3 MIN READ | Wellness

Five Nurses Share Their Stories for International Nurses Day and Reveal Their Most Rewarding Roles

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, (2021, May 12). Five Nurses Share Their Stories for International Nurses Day and Reveal Their Most Rewarding Roles. Psychreg on Wellness. https://www.psychreg.org/nurses-stories-international-nurses-day/
Reading Time: 3 minutes

To celebrate International Nurses Day, Fletchers Solicitors have released interviews with five nurses in their medical team, shining a light on their incredible insights and experiences to paint a picture of what it means to be a nurse today.

The nurses revealed their motivations behind their career choice. Many had the desire to help others from a young age but others, like Emma Marchbank, had been impacted by their own experiences later in life, who said: ‘I became a nurse because my mum became ill and needed surgery to remove her thyroid. She was in hospital for over two weeks due to complications and the nursing staff were just wonderful and always busy, run off their feet. I actually got a work experience placement on the ward where my mum had her surgery and this helped me to progress to get a job in the hospital I wanted.’

As emotionally challenging as the life of a nurse is, it certainly is a rewarding role. Debbie Moss found her time working in a prison and a dementia home the most fulfilling, commenting: ‘From a patient improvement point of view, I found offender health very rewarding as this was an area of healthcare that had the least previous uptake. From a heartstrings point of view, it has to be managing a large dementia home. I loved every minute of the challenges that brought and the rewards emotionally were amazing.’

Describing her most rewarding role, Elaine Wright said: ‘Probably end of life nursing. To be with a patient at the last stages of their life, often when they have no one and no relatives are present.’

Tracey Jacques found midwifery to be her calling, explaining the highs and lows of the job: ‘All aspects of midwifery are rewarding, but the highlight is obviously providing care to the woman and her family in labour. Handing that newborn to a woman still makes the hairs on the back of my neck stand on end.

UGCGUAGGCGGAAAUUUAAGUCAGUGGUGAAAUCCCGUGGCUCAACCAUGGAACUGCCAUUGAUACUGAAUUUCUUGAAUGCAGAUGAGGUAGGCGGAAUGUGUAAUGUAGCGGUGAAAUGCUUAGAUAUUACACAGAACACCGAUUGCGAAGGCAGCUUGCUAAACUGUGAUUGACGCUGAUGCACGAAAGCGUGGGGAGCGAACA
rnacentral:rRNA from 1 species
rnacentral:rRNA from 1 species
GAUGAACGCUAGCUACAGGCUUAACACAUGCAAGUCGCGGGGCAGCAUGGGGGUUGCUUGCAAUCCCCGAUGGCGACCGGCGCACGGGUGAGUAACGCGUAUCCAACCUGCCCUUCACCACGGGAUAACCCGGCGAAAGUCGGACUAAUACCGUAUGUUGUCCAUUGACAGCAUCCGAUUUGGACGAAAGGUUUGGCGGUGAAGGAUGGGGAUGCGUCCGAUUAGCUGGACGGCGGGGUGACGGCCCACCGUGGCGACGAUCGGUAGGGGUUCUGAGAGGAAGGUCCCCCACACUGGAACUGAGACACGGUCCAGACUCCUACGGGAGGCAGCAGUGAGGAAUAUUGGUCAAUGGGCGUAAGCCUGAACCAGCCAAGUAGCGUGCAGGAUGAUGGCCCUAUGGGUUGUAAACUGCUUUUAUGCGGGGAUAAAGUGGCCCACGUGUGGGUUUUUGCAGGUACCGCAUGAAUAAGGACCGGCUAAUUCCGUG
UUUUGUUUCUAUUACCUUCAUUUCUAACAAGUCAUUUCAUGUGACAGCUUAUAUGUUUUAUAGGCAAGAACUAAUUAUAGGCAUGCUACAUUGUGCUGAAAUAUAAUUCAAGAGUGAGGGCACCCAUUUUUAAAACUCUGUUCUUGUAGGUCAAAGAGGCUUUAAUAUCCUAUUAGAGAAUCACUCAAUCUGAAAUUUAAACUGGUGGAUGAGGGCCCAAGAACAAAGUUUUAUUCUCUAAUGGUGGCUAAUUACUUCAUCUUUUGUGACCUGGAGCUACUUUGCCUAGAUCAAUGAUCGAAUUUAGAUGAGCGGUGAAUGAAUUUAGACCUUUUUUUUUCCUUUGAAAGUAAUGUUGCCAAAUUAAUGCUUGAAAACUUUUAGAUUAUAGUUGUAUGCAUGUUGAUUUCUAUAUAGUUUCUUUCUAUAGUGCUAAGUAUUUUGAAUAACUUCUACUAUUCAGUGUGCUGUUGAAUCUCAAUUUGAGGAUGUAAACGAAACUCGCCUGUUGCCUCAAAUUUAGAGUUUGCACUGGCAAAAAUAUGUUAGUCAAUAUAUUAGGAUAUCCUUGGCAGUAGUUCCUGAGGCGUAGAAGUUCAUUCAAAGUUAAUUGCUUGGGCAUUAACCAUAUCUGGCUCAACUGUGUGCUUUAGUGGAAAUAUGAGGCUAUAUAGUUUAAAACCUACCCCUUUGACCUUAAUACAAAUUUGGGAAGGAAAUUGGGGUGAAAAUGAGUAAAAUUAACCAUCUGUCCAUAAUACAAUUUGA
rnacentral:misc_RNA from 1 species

‘Without a doubt, the downside to being a midwife is having to care for women whose babies have died in utero, especially a term pregnancy. The word “midwife” actually means “with woman” and, in this situation, our role has never been so significant. You usually find that it is these women and their families who are the most grateful for the care and compassion showed to them at the most awful times of their lives.’

The nurses currently work with Fletchers Solicitors and guide the legal team on nursing standards and patient care. The team have experience in many sectors, making them equipped for the vast range of case types they handle on a daily basis. The five nurses specialise in areas such as dementia, end of life care, midwifery, and surgery.

They use their nursing experience to help Fletchers’ clients in pursuing legal action when they have been wrongfully injured – a job that many people may not be aware exists. Emma explained her role: ‘I use my skills to help solicitors find a breach of care and any causation issues. I then use my knowledge to paginate the records for them so that an expert can look at these to see if there is a breach of care. I can read the writing of most doctors and decipher charts and risk assessments.’

Jennifer McAdam’s nursing career, combined with an upsetting medical negligence incident close to home, led to her current position on Fletchers Solicitors’ legal team. She shared: ‘The cases I see at Fletchers are so varied and interesting. I can see from my own hospital experience how failures in care have happened.

‘I also have personal experience of being on the other side when my dad went to Accident and Emergency after a collapse. He had been in a lot of pain with a dental abscess and they just put it down to this and discharged him with painkillers. We took him back the day after. He had suffered a haemorrhagic stroke, and I’ll never forgive myself for not demanding they do a CT scan on him. So, I guess that’s one of the reasons I’m here now. 

‘I care a lot about people and, to me, I still feel I am helping a lot of people, like my dad, by getting answers and by holding people accountable for their actions to ensure that lessons are learnt and practice is questioned, challenged, and changed for the benefit of everybody.’

The fact that the nurses work with Fletchers Solicitors means that the solicitors are able to bring informed legal cases from a medical standpoint and understand patient needs in full. 


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